In the Department of Communication, we study the ways that communication techniques and technologies shape who we are, how we govern ourselves, and what kinds of cultures we inhabit. We embrace both media theory and media practice. Over the years, we’ve trained scholars who’ve reshaped their fields, some of the world’s most high-impact journalists, and leading members of dozens of other fields.
Journalism has been part of Stanford’s curriculum since 1893. In the early 1950s, Chilton Bush and Wilbur Schramm brought together a pioneering community of communication researchers, linked them to the university’s ongoing efforts in journalism, and founded the Department of Communication. Then, as now, the department emphasized cutting edge research that could produce not only new ways of looking at things, but practical changes in human life.
Today the department remains strongly interdisciplinary. Its research faculty come from the fields of political science, psychology, sociology and economics, as well as communication. Its professional journalism faculty includes prize-winning innovators in digital storytelling and computational journalism, as well as former bureau chiefs for the New York Times and the Washington Post. And for ten months every year, the John S. Knight Journalism Fellowships program brings up to 20 journalists and journalism innovators from the U.S. and around the world to the Department to focus on innovation, entrepreneurship and leadership.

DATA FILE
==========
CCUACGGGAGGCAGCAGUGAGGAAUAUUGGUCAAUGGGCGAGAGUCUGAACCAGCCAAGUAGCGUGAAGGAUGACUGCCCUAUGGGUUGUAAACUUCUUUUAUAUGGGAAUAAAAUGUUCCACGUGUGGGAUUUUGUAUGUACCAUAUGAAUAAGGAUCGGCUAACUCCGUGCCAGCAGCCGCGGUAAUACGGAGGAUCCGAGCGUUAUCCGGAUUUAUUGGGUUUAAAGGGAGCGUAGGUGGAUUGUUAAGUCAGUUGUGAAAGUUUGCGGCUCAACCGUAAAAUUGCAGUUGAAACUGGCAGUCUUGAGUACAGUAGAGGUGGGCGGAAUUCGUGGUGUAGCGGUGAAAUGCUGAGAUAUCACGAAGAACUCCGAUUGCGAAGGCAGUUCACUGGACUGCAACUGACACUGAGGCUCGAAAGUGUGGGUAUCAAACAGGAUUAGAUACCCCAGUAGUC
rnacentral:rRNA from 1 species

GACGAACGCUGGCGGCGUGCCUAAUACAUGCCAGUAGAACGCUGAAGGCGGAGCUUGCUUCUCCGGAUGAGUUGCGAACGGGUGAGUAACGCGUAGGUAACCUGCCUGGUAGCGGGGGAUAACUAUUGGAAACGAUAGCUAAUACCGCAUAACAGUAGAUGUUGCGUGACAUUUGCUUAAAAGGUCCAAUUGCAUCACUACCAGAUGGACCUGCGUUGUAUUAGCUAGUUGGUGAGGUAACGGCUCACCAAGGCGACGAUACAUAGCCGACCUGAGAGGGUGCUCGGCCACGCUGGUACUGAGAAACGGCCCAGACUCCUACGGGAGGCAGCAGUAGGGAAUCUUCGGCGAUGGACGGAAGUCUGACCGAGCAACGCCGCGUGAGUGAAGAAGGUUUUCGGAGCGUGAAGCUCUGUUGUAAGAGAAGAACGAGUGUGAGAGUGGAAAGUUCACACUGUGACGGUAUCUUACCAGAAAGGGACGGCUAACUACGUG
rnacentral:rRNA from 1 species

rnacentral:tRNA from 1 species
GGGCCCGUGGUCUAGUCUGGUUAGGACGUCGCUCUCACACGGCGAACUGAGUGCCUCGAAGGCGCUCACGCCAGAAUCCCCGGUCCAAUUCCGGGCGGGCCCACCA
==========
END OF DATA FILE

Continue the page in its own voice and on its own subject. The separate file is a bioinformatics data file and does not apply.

All of our faculty retain strong ties to other departments on campus, to Silicon Valley, and to worlds beyond northern California. Taken together, these ties give our students a wide variety of unique opportunities to explore the ways in which new modes of communication are changing the world.